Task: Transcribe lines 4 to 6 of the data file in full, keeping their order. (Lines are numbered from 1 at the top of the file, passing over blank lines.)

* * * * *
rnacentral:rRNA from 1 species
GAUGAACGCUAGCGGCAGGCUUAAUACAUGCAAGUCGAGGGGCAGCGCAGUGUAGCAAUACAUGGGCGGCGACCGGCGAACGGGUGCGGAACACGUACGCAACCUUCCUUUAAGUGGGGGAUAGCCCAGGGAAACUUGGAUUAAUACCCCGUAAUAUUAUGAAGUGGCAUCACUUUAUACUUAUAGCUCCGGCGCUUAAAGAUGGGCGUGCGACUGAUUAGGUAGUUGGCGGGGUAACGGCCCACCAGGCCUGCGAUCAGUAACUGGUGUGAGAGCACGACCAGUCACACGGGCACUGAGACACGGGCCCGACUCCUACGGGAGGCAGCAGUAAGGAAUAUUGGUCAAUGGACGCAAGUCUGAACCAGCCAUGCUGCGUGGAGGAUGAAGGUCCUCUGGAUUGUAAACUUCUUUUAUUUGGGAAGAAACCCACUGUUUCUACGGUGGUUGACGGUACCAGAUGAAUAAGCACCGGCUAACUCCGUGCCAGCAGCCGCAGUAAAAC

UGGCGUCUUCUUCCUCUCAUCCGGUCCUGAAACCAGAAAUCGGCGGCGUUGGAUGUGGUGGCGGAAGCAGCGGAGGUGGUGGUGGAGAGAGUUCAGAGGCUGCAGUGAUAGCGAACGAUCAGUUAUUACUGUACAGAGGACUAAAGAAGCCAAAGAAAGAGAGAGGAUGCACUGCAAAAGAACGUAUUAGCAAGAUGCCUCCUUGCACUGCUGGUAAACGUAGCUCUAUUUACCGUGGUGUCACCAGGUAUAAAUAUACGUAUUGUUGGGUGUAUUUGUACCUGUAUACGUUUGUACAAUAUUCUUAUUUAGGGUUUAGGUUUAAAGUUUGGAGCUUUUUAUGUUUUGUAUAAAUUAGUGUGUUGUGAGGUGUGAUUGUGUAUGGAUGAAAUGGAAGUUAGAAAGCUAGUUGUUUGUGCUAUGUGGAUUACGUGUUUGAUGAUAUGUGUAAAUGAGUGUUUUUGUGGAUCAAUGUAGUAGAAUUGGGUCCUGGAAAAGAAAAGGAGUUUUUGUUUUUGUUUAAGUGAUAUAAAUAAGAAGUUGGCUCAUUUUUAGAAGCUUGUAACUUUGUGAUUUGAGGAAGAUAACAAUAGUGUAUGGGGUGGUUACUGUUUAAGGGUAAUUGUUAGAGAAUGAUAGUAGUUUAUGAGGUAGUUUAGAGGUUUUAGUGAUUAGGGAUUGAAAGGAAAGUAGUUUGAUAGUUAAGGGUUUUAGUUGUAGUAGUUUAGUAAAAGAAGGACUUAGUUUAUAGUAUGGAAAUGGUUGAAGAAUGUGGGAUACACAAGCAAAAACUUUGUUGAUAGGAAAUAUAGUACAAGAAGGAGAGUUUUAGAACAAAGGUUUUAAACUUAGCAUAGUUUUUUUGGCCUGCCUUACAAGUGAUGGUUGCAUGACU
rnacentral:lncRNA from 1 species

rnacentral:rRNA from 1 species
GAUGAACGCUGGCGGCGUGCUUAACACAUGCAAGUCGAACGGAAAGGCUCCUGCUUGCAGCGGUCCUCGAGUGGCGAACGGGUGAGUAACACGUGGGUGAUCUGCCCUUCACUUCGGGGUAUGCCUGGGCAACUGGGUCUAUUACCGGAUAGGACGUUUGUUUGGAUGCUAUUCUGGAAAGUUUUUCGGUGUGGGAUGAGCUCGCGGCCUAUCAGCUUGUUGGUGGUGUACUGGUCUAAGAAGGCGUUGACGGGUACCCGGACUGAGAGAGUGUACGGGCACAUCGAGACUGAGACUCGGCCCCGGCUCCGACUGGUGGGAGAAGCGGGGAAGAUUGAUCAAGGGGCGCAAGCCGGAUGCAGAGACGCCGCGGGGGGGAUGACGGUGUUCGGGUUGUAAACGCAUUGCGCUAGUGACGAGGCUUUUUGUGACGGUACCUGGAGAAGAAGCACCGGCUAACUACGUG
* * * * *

rnacentral:lncRNA from 1 species

rnacentral:rRNA from 1 species
GAUGAACGCUGGCGGCGUGCUUAACACAUGCAAGUCGAACGGAAAGGCUCCUGCUUGCAGCGGUCCUCGAGUGGCGAACGGGUGAGUAACACGUGGGUGAUCUGCCCUUCACUUCGGGGUAUGCCUGGGCAACUGGGUCUAUUACCGGAUAGGACGUUUGUUUGGAUGCUAUUCUGGAAAGUUUUUCGGUGUGGGAUGAGCUCGCGGCCUAUCAGCUUGUUGGUGGUGUACUGGUCUAAGAAGGCGUUGACGGGUACCCGGACUGAGAGAGUGUACGGGCACAUCGAGACUGAGACUCGGCCCCGGCUCCGACUGGUGGGAGAAGCGGGGAAGAUUGAUCAAGGGGCGCAAGCCGGAUGCAGAGACGCCGCGGGGGGGAUGACGGUGUUCGGGUUGUAAACGCAUUGCGCUAGUGACGAGGCUUUUUGUGACGGUACCUGGAGAAGAAGCACCGGCUAACUACGUG